24 episodes

Writer Grace Timothy explores what it’s really like to live with ADHD with other women and non-binary people.
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I was diagnosed with ADHD when I was 37, and I’m still getting my head around what it means for me, in terms of my past, present and future. Now we’re finally waking up to the fact that ADHD isn’t just for little boys, I want to better understand what the lived experience of ADHD is, and how the day-to-day really feels. I’m asking the big questions: Is it why I’m rubbish at phone sex, for example? Is it why I swear in front of my mother-in-law? Is it why I find myself going into the minutae of my menstrual cycle with a stranger in the supermarket?
I’ll be speaking to a different guest each week on one common theme of ADHD, from friendships and work to dating and motherhood, and we’ll also have an expert give us the real talk about how ADHD affects our behaviours around that theme.
My hope is that you’ll better understand ADHD, whether for your sake or someone else’s. Please expect adult humour and language from start to finish. 
This podcast is no substitute for medical care, professional advice or clinical treatment. Please seek support and guidance from your doctor if you have or suspect you have ADHD. 
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Is it My ADHD? is produced by The Tape Agency

Is It My ADHD‪?‬ The Tape Agency

    • Health & Fitness
    • 5.0 • 7 Ratings

Writer Grace Timothy explores what it’s really like to live with ADHD with other women and non-binary people.
-----
I was diagnosed with ADHD when I was 37, and I’m still getting my head around what it means for me, in terms of my past, present and future. Now we’re finally waking up to the fact that ADHD isn’t just for little boys, I want to better understand what the lived experience of ADHD is, and how the day-to-day really feels. I’m asking the big questions: Is it why I’m rubbish at phone sex, for example? Is it why I swear in front of my mother-in-law? Is it why I find myself going into the minutae of my menstrual cycle with a stranger in the supermarket?
I’ll be speaking to a different guest each week on one common theme of ADHD, from friendships and work to dating and motherhood, and we’ll also have an expert give us the real talk about how ADHD affects our behaviours around that theme.
My hope is that you’ll better understand ADHD, whether for your sake or someone else’s. Please expect adult humour and language from start to finish. 
This podcast is no substitute for medical care, professional advice or clinical treatment. Please seek support and guidance from your doctor if you have or suspect you have ADHD. 
------
Is it My ADHD? is produced by The Tape Agency

    AN UPDATE FROM GRACE

    AN UPDATE FROM GRACE

    In this mini episode Grace has an update for listeners.

    Books I’ve been reading:
    The Mini ADHD Coach by Alice Gendron
    Scatter Brain by Shaparak Khorsandi
    Earthed by Rebecca Schiller 
    Dancing on Eggshells by John Waite

    Please note, your first port of call if you think you might have ADHD should be your GP. In the meantime, you can find more information here: 
    The ADHD Foundation 
    Learn more about your ad choices. Visit megaphone.fm/adchoices

    • 5 min
    Gemma Styles- ADHD & DEPRESSION

    Gemma Styles- ADHD & DEPRESSION

    Whilst it’s true that many people with ADHD are misdiagnosed with depression, it’s important to remember that depression is one of the most common comorbidities of ADHD. The two can absolutely exist in combination, and there is a lot of conjecture that until we tackle ADHD, depression can’t be properly treated. But as Gemma Styles points out, depression doesn’t just disappear the minute you’ve received an ADHD diagnosis.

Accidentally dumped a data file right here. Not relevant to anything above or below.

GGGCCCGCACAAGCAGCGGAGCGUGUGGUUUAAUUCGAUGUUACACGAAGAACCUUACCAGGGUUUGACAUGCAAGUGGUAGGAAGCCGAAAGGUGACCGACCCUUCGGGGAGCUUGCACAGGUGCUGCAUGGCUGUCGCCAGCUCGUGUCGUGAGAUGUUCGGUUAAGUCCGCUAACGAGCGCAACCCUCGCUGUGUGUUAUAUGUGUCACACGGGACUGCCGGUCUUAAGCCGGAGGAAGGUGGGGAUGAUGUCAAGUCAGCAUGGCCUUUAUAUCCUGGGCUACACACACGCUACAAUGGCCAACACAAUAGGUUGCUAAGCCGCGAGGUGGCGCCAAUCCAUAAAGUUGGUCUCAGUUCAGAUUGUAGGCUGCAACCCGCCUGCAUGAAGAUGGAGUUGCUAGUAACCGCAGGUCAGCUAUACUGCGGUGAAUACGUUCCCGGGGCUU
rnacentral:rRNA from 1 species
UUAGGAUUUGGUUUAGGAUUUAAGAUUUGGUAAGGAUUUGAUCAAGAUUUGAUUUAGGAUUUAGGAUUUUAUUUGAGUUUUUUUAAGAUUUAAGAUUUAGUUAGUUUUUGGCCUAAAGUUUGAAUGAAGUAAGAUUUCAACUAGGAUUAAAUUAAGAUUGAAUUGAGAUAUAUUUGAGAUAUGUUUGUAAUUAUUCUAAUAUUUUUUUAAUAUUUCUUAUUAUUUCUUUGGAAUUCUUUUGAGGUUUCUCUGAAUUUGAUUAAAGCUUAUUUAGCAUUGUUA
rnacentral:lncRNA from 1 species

Gemma Styles is a writer, the host of the Good Influence Podcast and an ambassador for the charity, MQ Mental Health Research. She is a warm and insightful voice in the spaces of mental health, feminism and sustainability, using her platform to drive awareness and action across a variety of issues. She talks very openly about her own mental health, but only recently received a diagnosis of ADHD after years spent dealing with anxiety and depression.

    In this episode, we talk about what it’s like to have ADHD and depression, and Gemma shares how her ADHD diagnosis represented a shift in how she experienced depression. We explore helpful accountability, the inability to initiate tasks and how those experiences are common to both depression and ADHD. Gemma describes the shame we carry, how the advocacy of family and friends was a game-changer, and we discuss our shared frustration over how unhelpful the ‘ADHD is a superpower’ model can be. 

    Listeners can use the code LOOPXISITMYADHD for 15% off

    You can find Gemma at GemmaStyles.com and on Instagram
    Her podcast, Good Influence is on all podcast platforms 
    Please note, your first port of call if you think you might have ADHD should be your GP. In the meantime, you can find more information here: 
    The ADHD Foundation 
    Learn more about your ad choices. Visit megaphone.fm/adchoices

    • 48 min
    Anna Mathur-ADHD & ANXIETY

    Anna Mathur-ADHD & ANXIETY

    ‘What’s the anxiety and what is ADHD?’ I have spent much of the past two years since I was diagnosed trying to work this out. Am I feeling hyper vigilant? Am I over stimulated? Because before being diagnosed with ADHD I had spent years working hard to try and address my anxiety, sometimes successfully but often to no avail whatsoever. Women in particular are often diagnosed with anxiety when they present with ADHD because there are so many shared symptoms and the clinical picture can look quite similar. But we know the two can also co-exist. So, how can people with ADHD better cope with the additional condition of anxiety without them essentially fuelling one another? 
    Anna Mathur is a psychotherapist and the author of several books, including Know Your Worth. She is also the host of the Therapy Edit Podcast. Anna is well known for delivering calming and compassionate advice for improving one’s mental health, very much by sharing her own experiences as a working mother and someone who has experienced anxiety. She has just recently received a diagnosis of ADHD, and having spent years teaching us about the power of self-compassion and slowing down, post-diagnosis she’s realised how much those tools play into handling her own ADHD traits.